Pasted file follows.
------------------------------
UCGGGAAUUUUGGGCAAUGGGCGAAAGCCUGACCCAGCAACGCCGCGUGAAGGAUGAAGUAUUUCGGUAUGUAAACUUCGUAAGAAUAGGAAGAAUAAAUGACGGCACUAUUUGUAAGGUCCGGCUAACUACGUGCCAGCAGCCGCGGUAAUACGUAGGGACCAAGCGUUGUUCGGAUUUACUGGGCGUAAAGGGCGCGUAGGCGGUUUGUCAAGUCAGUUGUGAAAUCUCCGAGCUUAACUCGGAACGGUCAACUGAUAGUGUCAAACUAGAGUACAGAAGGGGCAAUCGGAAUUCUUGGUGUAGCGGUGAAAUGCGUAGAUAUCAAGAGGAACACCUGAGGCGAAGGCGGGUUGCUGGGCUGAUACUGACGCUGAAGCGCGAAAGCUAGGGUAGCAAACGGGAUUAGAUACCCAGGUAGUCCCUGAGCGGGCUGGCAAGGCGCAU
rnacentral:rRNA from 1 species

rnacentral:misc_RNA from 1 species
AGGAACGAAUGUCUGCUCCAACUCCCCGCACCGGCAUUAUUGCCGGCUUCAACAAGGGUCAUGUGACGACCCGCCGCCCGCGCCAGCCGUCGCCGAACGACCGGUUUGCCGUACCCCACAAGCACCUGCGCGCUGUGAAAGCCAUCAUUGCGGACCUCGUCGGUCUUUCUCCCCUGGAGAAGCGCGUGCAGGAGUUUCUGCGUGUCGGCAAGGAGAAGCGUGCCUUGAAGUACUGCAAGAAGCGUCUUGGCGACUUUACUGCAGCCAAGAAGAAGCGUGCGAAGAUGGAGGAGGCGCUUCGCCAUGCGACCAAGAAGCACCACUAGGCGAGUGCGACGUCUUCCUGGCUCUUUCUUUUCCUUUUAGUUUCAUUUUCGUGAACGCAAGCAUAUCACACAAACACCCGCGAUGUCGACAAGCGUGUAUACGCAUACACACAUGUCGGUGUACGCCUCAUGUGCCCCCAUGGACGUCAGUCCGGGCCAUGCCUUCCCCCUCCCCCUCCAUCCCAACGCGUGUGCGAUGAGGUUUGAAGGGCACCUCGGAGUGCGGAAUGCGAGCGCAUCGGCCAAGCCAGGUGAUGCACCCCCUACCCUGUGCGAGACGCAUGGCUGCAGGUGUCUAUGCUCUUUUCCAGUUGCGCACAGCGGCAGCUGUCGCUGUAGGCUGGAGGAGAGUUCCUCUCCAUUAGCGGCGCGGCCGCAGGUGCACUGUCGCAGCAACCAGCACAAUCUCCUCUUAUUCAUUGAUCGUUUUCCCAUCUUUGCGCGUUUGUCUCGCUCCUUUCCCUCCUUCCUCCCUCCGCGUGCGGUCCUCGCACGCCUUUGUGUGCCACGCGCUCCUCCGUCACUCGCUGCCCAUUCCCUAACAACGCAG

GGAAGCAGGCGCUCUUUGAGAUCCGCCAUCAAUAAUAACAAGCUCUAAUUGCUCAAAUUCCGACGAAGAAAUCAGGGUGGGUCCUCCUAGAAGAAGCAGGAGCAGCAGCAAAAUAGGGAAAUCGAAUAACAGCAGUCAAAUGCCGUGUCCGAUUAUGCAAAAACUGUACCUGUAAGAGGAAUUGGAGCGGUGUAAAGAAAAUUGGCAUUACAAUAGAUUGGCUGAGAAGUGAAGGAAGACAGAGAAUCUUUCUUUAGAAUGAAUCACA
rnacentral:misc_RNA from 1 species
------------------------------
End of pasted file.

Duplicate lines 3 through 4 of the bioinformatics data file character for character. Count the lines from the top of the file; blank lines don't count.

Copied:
rnacentral:misc_RNA from 1 species
AGGAACGAAUGUCUGCUCCAACUCCCCGCACCGGCAUUAUUGCCGGCUUCAACAAGGGUCAUGUGACGACCCGCCGCCCGCGCCAGCCGUCGCCGAACGACCGGUUUGCCGUACCCCACAAGCACCUGCGCGCUGUGAAAGCCAUCAUUGCGGACCUCGUCGGUCUUUCUCCCCUGGAGAAGCGCGUGCAGGAGUUUCUGCGUGUCGGCAAGGAGAAGCGUGCCUUGAAGUACUGCAAGAAGCGUCUUGGCGACUUUACUGCAGCCAAGAAGAAGCGUGCGAAGAUGGAGGAGGCGCUUCGCCAUGCGACCAAGAAGCACCACUAGGCGAGUGCGACGUCUUCCUGGCUCUUUCUUUUCCUUUUAGUUUCAUUUUCGUGAACGCAAGCAUAUCACACAAACACCCGCGAUGUCGACAAGCGUGUAUACGCAUACACACAUGUCGGUGUACGCCUCAUGUGCCCCCAUGGACGUCAGUCCGGGCCAUGCCUUCCCCCUCCCCCUCCAUCCCAACGCGUGUGCGAUGAGGUUUGAAGGGCACCUCGGAGUGCGGAAUGCGAGCGCAUCGGCCAAGCCAGGUGAUGCACCCCCUACCCUGUGCGAGACGCAUGGCUGCAGGUGUCUAUGCUCUUUUCCAGUUGCGCACAGCGGCAGCUGUCGCUGUAGGCUGGAGGAGAGUUCCUCUCCAUUAGCGGCGCGGCCGCAGGUGCACUGUCGCAGCAACCAGCACAAUCUCCUCUUAUUCAUUGAUCGUUUUCCCAUCUUUGCGCGUUUGUCUCGCUCCUUUCCCUCCUUCCUCCCUCCGCGUGCGGUCCUCGCACGCCUUUGUGUGCCACGCGCUCCUCCGUCACUCGCUGCCCAUUCCCUAACAACGCAG